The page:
9

Yes. The absence of immunity for a U.S. President's unofficial acts was established both in the Nixon Administration and later in the Clinton Administration. In practice, a prosecutor would be loath to file such charges absent very, very solid probable cause, and a court would often be very deferential in accommodating the President's schedule and, for ...


5

In the U.S are judges, attorneys, physicians, teachers, professors, politicians, administrative officers liable for ordinary negligence? In the U.S., judges, prosecuting attorneys and legislators have absolute immunity from civil liability (but not from criminal liability) for legislative and judicial acts in their official capacity. Attorneys have ...


4

Yes. The president is bound by the Constitution. The president may be immune from prosecution or from civil suits while he holds the office, but that does not mean he is not obligated to abide by the Constitution. While he is in office, he is subject to sanction for misconduct by Congress, and when he leaves office, he is generally subject to prosecution ...


3

The US President is indeed bound by the Constitution, and indeed by the ordinary laws. Current Justice Department policy is that a sitting president may not be indited. No court has ever held this, the US Constitution does not give explicit presidential immunity the way it gives limited immunity to members of congress (in the "speech and debate" clause). No ...


3

No. This is not possible. You cannot give consent to homicide, and only the state can provide immunity from prosecution. Consent is not a "justification" or "excuse" under Oregon law, as those terms are defined in its penal code (there is nothing even remotely close in the definition of the relevant terms). Assisting suicide under Oregon law is, however, a ...


2

A few key points: The only way you can recover anything is with a lawsuit or the threat of a lawsuit. There are special procedural and substantive hurdles involved in suing a governmental entity which is a specialized area of tort law that varies significantly from state to state. It is likely that there is liability under a governmental waiver of the ...


2

Any society that makes rules will make rules that generally favor the people in power. Police are an essential component of a system that is built to maintain power for the people who are powerful, and there are few incentives for politicians, prosecutors or judges to punish them for maintaining order, even when they do so in ways that most people would ...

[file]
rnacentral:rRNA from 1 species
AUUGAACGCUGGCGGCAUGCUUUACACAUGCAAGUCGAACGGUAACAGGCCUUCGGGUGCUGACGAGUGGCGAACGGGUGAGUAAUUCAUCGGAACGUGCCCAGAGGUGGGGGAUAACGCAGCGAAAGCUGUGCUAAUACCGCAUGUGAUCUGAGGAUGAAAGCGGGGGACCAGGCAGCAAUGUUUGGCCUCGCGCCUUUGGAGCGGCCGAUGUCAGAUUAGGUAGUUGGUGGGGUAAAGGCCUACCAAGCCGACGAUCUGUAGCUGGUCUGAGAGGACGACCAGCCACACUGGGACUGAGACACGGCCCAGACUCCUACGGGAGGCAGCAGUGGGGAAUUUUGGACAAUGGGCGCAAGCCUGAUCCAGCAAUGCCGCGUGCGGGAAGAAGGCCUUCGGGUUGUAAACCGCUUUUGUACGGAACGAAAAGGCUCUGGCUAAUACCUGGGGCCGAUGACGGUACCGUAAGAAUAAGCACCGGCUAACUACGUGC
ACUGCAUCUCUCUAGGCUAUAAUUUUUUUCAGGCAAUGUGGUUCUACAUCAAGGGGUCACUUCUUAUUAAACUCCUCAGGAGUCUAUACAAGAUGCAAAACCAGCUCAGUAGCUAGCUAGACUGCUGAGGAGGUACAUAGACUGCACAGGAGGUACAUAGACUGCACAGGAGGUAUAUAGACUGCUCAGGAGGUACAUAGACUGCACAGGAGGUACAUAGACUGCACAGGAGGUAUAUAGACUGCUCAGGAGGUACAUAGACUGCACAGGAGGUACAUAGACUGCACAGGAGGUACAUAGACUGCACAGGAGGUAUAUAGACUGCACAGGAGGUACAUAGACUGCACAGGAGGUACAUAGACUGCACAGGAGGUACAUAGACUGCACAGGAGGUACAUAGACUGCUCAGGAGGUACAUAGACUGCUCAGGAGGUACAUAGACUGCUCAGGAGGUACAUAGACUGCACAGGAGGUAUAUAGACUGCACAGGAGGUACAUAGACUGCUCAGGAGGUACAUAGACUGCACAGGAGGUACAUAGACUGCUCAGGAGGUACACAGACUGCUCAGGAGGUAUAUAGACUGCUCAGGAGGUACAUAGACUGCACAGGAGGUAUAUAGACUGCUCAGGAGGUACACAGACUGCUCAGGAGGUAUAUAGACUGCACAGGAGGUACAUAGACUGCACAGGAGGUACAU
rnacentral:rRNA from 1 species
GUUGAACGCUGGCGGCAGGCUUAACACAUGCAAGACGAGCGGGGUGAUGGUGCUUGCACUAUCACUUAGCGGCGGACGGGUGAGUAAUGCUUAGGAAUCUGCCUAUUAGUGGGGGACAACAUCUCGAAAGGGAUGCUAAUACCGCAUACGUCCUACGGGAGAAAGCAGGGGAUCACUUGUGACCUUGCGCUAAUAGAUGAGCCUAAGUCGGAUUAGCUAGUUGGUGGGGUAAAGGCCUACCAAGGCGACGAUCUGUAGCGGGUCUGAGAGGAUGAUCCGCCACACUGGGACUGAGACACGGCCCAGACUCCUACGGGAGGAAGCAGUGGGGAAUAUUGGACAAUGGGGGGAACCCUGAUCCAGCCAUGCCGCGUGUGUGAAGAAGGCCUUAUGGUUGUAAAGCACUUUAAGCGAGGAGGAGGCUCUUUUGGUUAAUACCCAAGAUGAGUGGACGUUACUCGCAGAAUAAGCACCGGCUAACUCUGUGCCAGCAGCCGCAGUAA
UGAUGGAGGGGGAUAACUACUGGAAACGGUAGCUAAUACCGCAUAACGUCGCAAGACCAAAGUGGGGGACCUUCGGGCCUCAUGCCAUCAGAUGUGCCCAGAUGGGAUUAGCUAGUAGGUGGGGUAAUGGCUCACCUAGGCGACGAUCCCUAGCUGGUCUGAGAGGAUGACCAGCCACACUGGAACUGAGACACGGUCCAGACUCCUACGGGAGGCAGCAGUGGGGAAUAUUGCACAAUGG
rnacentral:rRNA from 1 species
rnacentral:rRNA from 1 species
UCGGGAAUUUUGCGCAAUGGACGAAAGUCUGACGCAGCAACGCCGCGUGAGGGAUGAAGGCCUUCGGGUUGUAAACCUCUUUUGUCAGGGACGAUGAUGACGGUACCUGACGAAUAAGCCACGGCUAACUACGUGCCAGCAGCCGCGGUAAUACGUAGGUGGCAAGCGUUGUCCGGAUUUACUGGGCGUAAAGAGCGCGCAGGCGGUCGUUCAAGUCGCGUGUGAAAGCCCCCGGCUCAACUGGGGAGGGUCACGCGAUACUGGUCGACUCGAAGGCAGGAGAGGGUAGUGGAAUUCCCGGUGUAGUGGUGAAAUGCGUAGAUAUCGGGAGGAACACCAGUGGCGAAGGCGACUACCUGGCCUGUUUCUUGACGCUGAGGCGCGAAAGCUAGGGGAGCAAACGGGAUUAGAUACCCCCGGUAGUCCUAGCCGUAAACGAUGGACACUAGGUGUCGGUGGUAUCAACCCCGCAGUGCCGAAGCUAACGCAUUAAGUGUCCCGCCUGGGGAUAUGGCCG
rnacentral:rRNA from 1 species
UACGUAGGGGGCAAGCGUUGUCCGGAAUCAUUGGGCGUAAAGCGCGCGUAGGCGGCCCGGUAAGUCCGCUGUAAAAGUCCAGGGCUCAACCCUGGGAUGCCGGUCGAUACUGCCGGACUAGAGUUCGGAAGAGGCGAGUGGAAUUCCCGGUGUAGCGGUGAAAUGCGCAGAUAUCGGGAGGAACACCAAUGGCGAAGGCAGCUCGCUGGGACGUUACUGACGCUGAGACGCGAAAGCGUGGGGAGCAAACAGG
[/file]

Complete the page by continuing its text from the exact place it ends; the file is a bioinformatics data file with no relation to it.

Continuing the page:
2

My answer pertains to Washington, which has a similar law. The circumstances where it is legal for one person to intentionally kill another are highly limited in all states: using Washington terminology, you must be justified, and "because he asked me to" is not an legal justification. "Death with dignity" does not allow a doctor to kill a patient, it allows ...


1

Yes, property owned by governments, including state governments, is generally exempt from property taxes in the US. (A list of the exemptions as of 2000 is available here.) The governments that are exempt in New Hampshire are listed in Ch 72 ยง23 of the New Hampshire Statutes, Real Estate and Personal Property Tax Exemption." These include the state, ...


1

In all these of judges etc cases they receive more than enough indenization for assuming responsibility. By freeing them from ordinary negligence we are making them negligent. Other than political economics why would the legislator free them from such responsibility? Judges are precisely the ones rendering this question within scope of Law SE -...


1

Sovereign Immunity means you cannot sue the state itself. It does not apply to an employee or official of the state who is doing something not authorized by state law. Presumably no law authorizes the state to embezzle, or to commit fraud. So if someone does that, even acting with purported governmental authority, that person is simply a criminal who is also ...


1

could the defendant then also admit to some additional, only marginally-related crime? I suppose, but why would he or she? Or something altogether unrelated? Again, of course that could happen, but it is not clear what motivation there would be to admit to random crimes unrelated to what the person is being questioned about. are strict limits on ...


1

Generally speaking it is up to jury. Juries usually make awards only if they think the defendant was grossly negligent or they have some kind of special sympathy for the victim, like the victim is old and blind or something like that. There are numerous factors that can affect the outcome: (1) How much time elapsed between the snowfall and the accident? (2)...


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